November 15, 2011

If Tim Allen is The Last Man Standing, We’re in Trouble!~Courtney Rowe

With the recent release of Miss Representation, Joanna Siebel Newsom’s Sundance acclaimed film that examines the often sexist, negative and misguided portrayal of women in media, I thought it was time that I took a closer at what we’re watching on television.

After tuning into a series of new shows last week, I have come to the conclusion that I really hope Tim Allen and his bear hunting, plaid shirt wearing, bearded buddies are not the last men standing. If last week’s sexist and outdated story line from his new sitcom is a sign of what’s more to come, then I’ll be tuning out and turning off for the rest of the season.


In last week’s episode, the softball team at Outdoor World, Tim Allen’s place of employment, faces an incredulous conundrum when told they must allow women to play on the team or face dismissal from their league, comprised of other “manly” stores that sell fishing tackle, guns and bows and pick up trucks.

To reach a decision over such a timely and important concern, the president of the company, who announces that he would “rather have a gall bladder stone” than have to invite girls onto the team, holds an anonymous ballot vote to determine the company’s next move. The threat of “spending Sunday with your wife” leads to a nearly unanimous vote in favor of a co-ed softball team.

We learn that although Tim Allen initially comments that “sports are the last bastion of male camaraderie,” he in fact votes in favor of the team becoming co-ed. As viewers, this is the part in the show where we are supposed to recognize the fairness of Tim Allen’s character, rewarding him with a round of applause, or a cookie, or maybe a small parade for doing the right thing.

But excuse me…the last bastion? This implies that women have infiltrated all other avenues where men might experience exclusive male bonding. A quick search reveals that men account for 83% of Congress and  97.5% of Fortune 500 CEOs and presidents. So, while Tim Allen and his buddies at Outdoor World may not be joining the ranks of these prestigious clubs any time soon, if the statistics are a representation of the bigger picture then there are still plenty of organizations that explicitly offer themselves as a forum to celebrate male bonding.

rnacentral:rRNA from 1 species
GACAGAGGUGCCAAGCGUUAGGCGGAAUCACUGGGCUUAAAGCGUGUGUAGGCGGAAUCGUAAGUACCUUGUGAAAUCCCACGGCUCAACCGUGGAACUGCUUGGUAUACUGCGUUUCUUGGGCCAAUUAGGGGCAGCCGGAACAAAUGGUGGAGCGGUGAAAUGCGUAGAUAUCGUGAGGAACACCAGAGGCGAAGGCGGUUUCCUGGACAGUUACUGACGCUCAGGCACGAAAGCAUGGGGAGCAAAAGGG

In the absence of female employees at Outdoor World, or at least one that is visible, Tim Allen begrudgingly recruits his thirteen year-old sports-oriented daughter to play on Outdoor World’s softball team. Never mind the message that if you have to include a girl on your team, make sure she’s a tomboy and not commonly feminine, or the fact that I have not come across a male only softball league since 1985. The icing on the sexist cake is the choice of adjectives Tim Allen and his deer hunting, paintball loving Outdoor World colleagues use to describe his daughter’s added value to the team.

After first taking credit for encouraging his daughter to “use her voice,”which she did to oust him from his role as the softball team’s pitcher, Tim Allen then refers to her stellar game winning abilities as “adorable.” And to show that even sexist, chauvinist, tough guys can have a change of heart, the Outdoor World president exclaims that he can’t wait to stick the “little hot-head” against upcoming teams.

Sure, maybe I’m being particularly critical of Last Man Standing. The truth is, the sitcom isn’t anywhere close to standing alone when it comes to television shows that promote sexist archetypes for both men and women. But just because Tim Allen and the show’s writers and producers are in good company, doesn’t make it right. The same goes for the comedy argument. Humor is wonderful and it fits into plenty of places. The use of it to demean women in mainstream media is not, however, one of them.

I’m sorry, Tim Allen, but you lost me at your Home Improvement grunt. I tried again, but the next time I want to brush up on women in softball, I’ll stick to A League of Their Own: a movie that approached the women in sports issue from a positive female perspective…not to mention about 20 years earlier.

Please note: The views and statements in this message do not necessarily reflect those of Miss Representation.org and their leadership.


Courtney Rowe, once a former Boulder resident, is completing her M.S. in Policy Studies at DePaul University in Chicago with a focus on the global protection and security of women and children. The National Defense University Press recently published her book chapter ‘The Disarmament, Demobilization and Reintegration of Former Child Soldiers” in The Nexus of Force.

She loves giving back to her global and local community and recently became of Representative for MissRepresentation.Org. Aside from her work, her passions include her amazing family and friends, traveling and coffee.

Read 4 Comments and Reply

Read 4 comments and reply

Top Contributors Latest

Elephant journal  |  Contribution: 277,836